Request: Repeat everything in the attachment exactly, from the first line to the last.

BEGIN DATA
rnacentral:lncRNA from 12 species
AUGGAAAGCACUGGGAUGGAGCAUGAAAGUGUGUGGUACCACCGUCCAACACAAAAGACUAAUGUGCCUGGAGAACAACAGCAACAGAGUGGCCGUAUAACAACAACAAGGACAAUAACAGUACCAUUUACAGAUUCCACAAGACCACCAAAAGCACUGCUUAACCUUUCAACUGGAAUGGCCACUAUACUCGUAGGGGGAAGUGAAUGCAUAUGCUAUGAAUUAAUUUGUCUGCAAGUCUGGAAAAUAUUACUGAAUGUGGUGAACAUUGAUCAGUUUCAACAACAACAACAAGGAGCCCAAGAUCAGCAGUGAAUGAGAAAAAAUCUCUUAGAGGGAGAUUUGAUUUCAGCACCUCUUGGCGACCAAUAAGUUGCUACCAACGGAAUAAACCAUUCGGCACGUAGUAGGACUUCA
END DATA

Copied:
rnacentral:lncRNA from 12 species
AUGGAAAGCACUGGGAUGGAGCAUGAAAGUGUGUGGUACCACCGUCCAACACAAAAGACUAAUGUGCCUGGAGAACAACAGCAACAGAGUGGCCGUAUAACAACAACAAGGACAAUAACAGUACCAUUUACAGAUUCCACAAGACCACCAAAAGCACUGCUUAACCUUUCAACUGGAAUGGCCACUAUACUCGUAGGGGGAAGUGAAUGCAUAUGCUAUGAAUUAAUUUGUCUGCAAGUCUGGAAAAUAUUACUGAAUGUGGUGAACAUUGAUCAGUUUCAACAACAACAACAAGGAGCCCAAGAUCAGCAGUGAAUGAGAAAAAAUCUCUUAGAGGGAGAUUUGAUUUCAGCACCUCUUGGCGACCAAUAAGUUGCUACCAACGGAAUAAACCAUUCGGCACGUAGUAGGACUUCA